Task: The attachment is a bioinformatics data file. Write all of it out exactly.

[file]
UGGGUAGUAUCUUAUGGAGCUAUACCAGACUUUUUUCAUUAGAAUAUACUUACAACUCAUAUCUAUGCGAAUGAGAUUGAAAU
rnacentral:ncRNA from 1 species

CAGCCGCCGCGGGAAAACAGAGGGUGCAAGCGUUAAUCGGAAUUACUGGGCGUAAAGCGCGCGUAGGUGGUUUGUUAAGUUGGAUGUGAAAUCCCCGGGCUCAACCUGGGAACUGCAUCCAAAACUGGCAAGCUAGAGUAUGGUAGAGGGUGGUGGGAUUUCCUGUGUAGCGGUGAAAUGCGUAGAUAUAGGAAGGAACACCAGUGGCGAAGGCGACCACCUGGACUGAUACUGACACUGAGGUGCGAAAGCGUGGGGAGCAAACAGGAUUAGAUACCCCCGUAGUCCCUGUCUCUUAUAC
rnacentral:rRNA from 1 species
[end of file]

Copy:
UGGGUAGUAUCUUAUGGAGCUAUACCAGACUUUUUUCAUUAGAAUAUACUUACAACUCAUAUCUAUGCGAAUGAGAUUGAAAU
rnacentral:ncRNA from 1 species

CAGCCGCCGCGGGAAAACAGAGGGUGCAAGCGUUAAUCGGAAUUACUGGGCGUAAAGCGCGCGUAGGUGGUUUGUUAAGUUGGAUGUGAAAUCCCCGGGCUCAACCUGGGAACUGCAUCCAAAACUGGCAAGCUAGAGUAUGGUAGAGGGUGGUGGGAUUUCCUGUGUAGCGGUGAAAUGCGUAGAUAUAGGAAGGAACACCAGUGGCGAAGGCGACCACCUGGACUGAUACUGACACUGAGGUGCGAAAGCGUGGGGAGCAAACAGGAUUAGAUACCCCCGUAGUCCCUGUCUCUUAUAC
rnacentral:rRNA from 1 species